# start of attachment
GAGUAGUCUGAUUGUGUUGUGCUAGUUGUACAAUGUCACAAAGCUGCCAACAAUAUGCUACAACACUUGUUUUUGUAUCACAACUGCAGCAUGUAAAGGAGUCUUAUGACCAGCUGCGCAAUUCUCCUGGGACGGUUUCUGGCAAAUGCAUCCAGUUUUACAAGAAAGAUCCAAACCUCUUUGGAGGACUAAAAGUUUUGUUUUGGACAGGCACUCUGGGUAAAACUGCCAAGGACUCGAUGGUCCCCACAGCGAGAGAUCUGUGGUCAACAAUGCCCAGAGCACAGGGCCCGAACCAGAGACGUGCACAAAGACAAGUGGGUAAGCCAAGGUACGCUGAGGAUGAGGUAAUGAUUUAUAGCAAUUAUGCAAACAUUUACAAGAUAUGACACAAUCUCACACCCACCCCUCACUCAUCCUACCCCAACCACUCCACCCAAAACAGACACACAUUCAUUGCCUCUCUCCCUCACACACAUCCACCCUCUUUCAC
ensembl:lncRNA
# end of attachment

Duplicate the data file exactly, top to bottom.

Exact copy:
GAGUAGUCUGAUUGUGUUGUGCUAGUUGUACAAUGUCACAAAGCUGCCAACAAUAUGCUACAACACUUGUUUUUGUAUCACAACUGCAGCAUGUAAAGGAGUCUUAUGACCAGCUGCGCAAUUCUCCUGGGACGGUUUCUGGCAAAUGCAUCCAGUUUUACAAGAAAGAUCCAAACCUCUUUGGAGGACUAAAAGUUUUGUUUUGGACAGGCACUCUGGGUAAAACUGCCAAGGACUCGAUGGUCCCCACAGCGAGAGAUCUGUGGUCAACAAUGCCCAGAGCACAGGGCCCGAACCAGAGACGUGCACAAAGACAAGUGGGUAAGCCAAGGUACGCUGAGGAUGAGGUAAUGAUUUAUAGCAAUUAUGCAAACAUUUACAAGAUAUGACACAAUCUCACACCCACCCCUCACUCAUCCUACCCCAACCACUCCACCCAAAACAGACACACAUUCAUUGCCUCUCUCCCUCACACACAUCCACCCUCUUUCAC
ensembl:lncRNA